I don’t necessarily agree with all of the opinions underlying this video, but anyone can appreciate the humor. From Reason:
[guest post by Dana]
Here are a few news items that caught my eye. Please feel free to post any other news items that you think might interest readers.
First news item
When asked about the senator’s claim that the Times approached him to write the op-ed, Bennet admitted that the opinion page had seen Cotton’s tweets on the subject and “we did ask if he could stand up that argument. I’m not sure we suggested that topic to him but we did invite the piece.”
Bennet didn’t read the op-ed before publication:
When asked why he did not personally read Cotton’s column before publishing it, Bennet said it was “another part of the process that broke down.” He added, “I should have been involved in signing off on the piece… I should have read it and signed off.”
Second news item
…some commentators, inside and outside of public health, are questioning the wisdom of these anti-racist protests, concerned they will increase the spread of COVID-19 and worsen existing racial, ethnic and economic inequities in COVID-19 deaths. Some even compare these risks to those posed by the anti-lockdown protests against COVID-19 regulations.
As public health professionals with expertise in infectious disease epidemiology, social epidemiology and public health and clinical practice, we categorically reject these false equivalencies.
Protesters are in the streets demonstrating against police brutality and white supremacy not because they are indifferent to the risk of COVID-19. They are doing what they can to protect themselves and their communities precisely because the institutions that are supposed to protect and serve them have been killing black people in this country far longer than the coronavirus has.
Third news item
Just left the Salt Lake Cit protest. That was not about George Floyd, and it sure had nothing to do with racial equality, or justice. pic.twitter.com/voAlP5sxdU
— Kamaal S. Ahmad (@CoachKAhmad) May 31, 2020
Fourth news item
…Now, after a high-stakes and public feud with Democratic officials in a state he won four years ago, Mr. Trump and the Republican National Committee are moving to largely shift convention proceedings, including the president’s acceptance speech on the final night, out of Charlotte. After a call with the R.N.C., state chairmen officially told delegates that they should hold off on purchasing airline tickets to Charlotte for the late-August event.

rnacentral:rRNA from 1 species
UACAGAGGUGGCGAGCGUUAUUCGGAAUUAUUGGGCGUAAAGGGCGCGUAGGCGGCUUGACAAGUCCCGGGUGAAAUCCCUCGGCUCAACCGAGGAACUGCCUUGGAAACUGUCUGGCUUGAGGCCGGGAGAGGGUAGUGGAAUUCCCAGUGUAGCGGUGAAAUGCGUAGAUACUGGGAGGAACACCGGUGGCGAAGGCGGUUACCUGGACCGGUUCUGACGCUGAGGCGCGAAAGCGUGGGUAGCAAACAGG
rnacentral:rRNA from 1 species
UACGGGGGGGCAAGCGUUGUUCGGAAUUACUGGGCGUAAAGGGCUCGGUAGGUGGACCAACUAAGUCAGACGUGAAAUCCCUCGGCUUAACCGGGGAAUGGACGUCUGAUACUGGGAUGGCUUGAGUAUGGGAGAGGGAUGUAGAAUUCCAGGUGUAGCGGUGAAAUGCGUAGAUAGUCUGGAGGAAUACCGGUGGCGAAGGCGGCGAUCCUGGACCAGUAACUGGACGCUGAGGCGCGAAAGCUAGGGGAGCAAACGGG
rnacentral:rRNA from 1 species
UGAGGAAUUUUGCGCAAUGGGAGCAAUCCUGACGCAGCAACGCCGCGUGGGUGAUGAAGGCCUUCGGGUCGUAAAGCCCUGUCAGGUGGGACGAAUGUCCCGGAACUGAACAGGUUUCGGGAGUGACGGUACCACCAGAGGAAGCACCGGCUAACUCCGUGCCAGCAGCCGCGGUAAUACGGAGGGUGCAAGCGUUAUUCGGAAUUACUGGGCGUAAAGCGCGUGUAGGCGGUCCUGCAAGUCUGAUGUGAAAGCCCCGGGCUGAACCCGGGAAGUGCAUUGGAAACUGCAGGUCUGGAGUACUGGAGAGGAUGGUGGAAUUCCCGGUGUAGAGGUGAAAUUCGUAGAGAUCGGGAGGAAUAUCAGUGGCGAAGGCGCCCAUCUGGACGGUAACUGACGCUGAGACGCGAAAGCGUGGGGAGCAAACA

How the convention unraveled two years after Charlotte was selected is the story of an uneasy partnership between Republican officials and mostly Democratic leaders in North Carolina; a president who coveted a coronation and delivered an unyielding imperative to the state’s governor; and the extraordinary disruption from a global pandemic that transformed public life in the country. Once it became clear that health concerns over the coronavirus threatened the possibility of a full-throated celebration for the president, the fragile alliance buckled under the weight of partisan acrimony.
Fifth news item
Attorney General William Barr says law enforcement officers were already moving to push back protesters from a park in front of the White House when he arrived there Monday evening, and he says he did not give a command to disperse the crowd, though he supported the decision.
Barr insisted there was no connection between the heavy-handed crackdown on the protesters and Trump’s walk soon after to St. John’s Church. The attorney general said he had learned in the afternoon that Trump wanted to go outside, and said that when he went to the White House in the evening, he learned of the president’s intended destination.
Sixth news item
major clinical trial showed the malaria drug hydroxychloroquine had no benefit for patients hospitalized with Covid-19, likely closing the door to the use of the highly publicized medicine in the sickest patients — a use for which it was widely prescribed as the pandemic hit the U.S.
The results come from a study called RECOVERY, funded by the U.K. government, that sought to randomly assign large numbers of patients to multiple potential treatments in the country’s National Health Service. The goal was to rapidly get answers as to what worked and what didn’t.
“Today’s preliminary results from the RECOVERY trial are quite clear – hydroxychloroquine does not reduce the risk of death among hospitalized patients with this new disease,” University of Oxford epidemiologist Martin Landray, one of the study’s leaders, said in a statement. “This result should change medical practice worldwide and demonstrates the importance of large, randomized trials to inform decisions about both the efficacy and the safety of treatments.”
Seventh news item
Commander of the Pacific Air Forces tells us what he’s thinking about. Gen. CQ Brown, Jr. is expected to be confirmed as the next chief of staff of the Air Force. He will be the first black service chief in U.S. history:
"As the Commander of Pacific Air Forces, a senior leader in our Air Force, and an African-American, many of you may be wondering what I’m thinking about the current events surrounding the tragic death of George Floyd. Here’s what I’m thinking about…" – Gen. CQ Brown, Jr. pic.twitter.com/I2sf1067L6
— PACAF (@PACAF) June 5, 2020
Have a good weekend.